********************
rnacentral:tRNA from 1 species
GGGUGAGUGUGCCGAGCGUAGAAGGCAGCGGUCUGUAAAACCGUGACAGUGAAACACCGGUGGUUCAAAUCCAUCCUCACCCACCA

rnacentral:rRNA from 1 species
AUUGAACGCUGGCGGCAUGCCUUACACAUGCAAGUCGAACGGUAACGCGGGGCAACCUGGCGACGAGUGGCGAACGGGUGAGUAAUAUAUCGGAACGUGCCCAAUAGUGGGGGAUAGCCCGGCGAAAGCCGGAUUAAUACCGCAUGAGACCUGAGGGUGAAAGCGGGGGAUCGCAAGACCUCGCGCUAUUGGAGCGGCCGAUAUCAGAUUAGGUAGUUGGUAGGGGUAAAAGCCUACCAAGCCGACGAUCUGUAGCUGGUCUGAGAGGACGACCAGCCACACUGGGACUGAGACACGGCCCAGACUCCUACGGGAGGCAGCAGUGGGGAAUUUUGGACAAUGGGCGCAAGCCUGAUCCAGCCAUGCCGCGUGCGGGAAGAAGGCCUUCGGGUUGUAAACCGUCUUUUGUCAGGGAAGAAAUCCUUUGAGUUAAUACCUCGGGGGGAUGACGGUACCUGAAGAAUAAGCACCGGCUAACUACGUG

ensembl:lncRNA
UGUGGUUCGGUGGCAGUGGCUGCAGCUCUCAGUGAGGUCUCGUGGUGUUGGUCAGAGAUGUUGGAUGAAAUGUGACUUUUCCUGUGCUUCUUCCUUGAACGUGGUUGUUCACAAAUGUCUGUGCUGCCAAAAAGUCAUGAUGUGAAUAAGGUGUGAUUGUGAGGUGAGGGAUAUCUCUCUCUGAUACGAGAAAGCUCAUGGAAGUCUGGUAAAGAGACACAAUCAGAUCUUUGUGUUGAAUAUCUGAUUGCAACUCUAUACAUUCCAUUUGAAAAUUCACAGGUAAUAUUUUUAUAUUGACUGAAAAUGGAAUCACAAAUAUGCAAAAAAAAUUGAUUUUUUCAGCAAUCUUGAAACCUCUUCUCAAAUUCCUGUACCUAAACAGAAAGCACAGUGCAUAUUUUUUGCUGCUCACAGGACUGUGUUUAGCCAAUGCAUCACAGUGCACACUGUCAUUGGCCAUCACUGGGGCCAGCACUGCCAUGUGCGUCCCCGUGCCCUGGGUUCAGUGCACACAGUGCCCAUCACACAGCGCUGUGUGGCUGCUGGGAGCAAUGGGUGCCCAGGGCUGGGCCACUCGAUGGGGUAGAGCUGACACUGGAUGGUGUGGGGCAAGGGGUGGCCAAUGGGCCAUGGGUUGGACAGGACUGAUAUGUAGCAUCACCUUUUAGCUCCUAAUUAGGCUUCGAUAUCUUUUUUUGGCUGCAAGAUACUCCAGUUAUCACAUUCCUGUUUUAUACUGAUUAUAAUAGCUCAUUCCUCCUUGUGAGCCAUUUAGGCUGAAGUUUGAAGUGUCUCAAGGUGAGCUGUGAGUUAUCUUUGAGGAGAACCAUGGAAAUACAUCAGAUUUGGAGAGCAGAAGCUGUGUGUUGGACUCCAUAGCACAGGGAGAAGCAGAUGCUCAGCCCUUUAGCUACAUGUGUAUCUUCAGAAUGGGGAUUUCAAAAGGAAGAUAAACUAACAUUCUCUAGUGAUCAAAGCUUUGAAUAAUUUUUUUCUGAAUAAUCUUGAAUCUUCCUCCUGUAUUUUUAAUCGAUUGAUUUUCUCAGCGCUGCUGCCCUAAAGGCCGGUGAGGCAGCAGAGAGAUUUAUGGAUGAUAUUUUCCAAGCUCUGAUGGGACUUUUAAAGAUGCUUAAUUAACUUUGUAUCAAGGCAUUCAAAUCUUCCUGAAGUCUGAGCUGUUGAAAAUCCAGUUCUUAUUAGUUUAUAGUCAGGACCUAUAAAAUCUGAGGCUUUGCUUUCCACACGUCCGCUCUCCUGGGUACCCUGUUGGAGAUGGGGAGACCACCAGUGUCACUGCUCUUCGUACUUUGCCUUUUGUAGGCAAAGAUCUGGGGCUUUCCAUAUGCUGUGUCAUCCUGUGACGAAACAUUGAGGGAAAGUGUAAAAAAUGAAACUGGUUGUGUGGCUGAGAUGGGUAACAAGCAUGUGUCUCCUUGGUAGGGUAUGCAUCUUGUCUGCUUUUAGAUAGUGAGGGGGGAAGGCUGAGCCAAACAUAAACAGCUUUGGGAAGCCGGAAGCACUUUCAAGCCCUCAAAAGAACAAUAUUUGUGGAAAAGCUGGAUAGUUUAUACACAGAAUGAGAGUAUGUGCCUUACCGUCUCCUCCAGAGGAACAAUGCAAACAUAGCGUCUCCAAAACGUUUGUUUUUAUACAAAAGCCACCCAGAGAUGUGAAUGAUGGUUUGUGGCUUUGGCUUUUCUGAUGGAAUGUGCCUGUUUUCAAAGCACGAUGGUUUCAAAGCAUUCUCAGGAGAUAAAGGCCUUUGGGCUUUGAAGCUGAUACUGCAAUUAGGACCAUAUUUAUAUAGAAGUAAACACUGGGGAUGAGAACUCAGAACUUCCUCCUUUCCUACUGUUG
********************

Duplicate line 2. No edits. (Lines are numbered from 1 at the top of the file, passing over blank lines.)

GGGUGAGUGUGCCGAGCGUAGAAGGCAGCGGUCUGUAAAACCGUGACAGUGAAACACCGGUGGUUCAAAUCCAUCCUCACCCACCA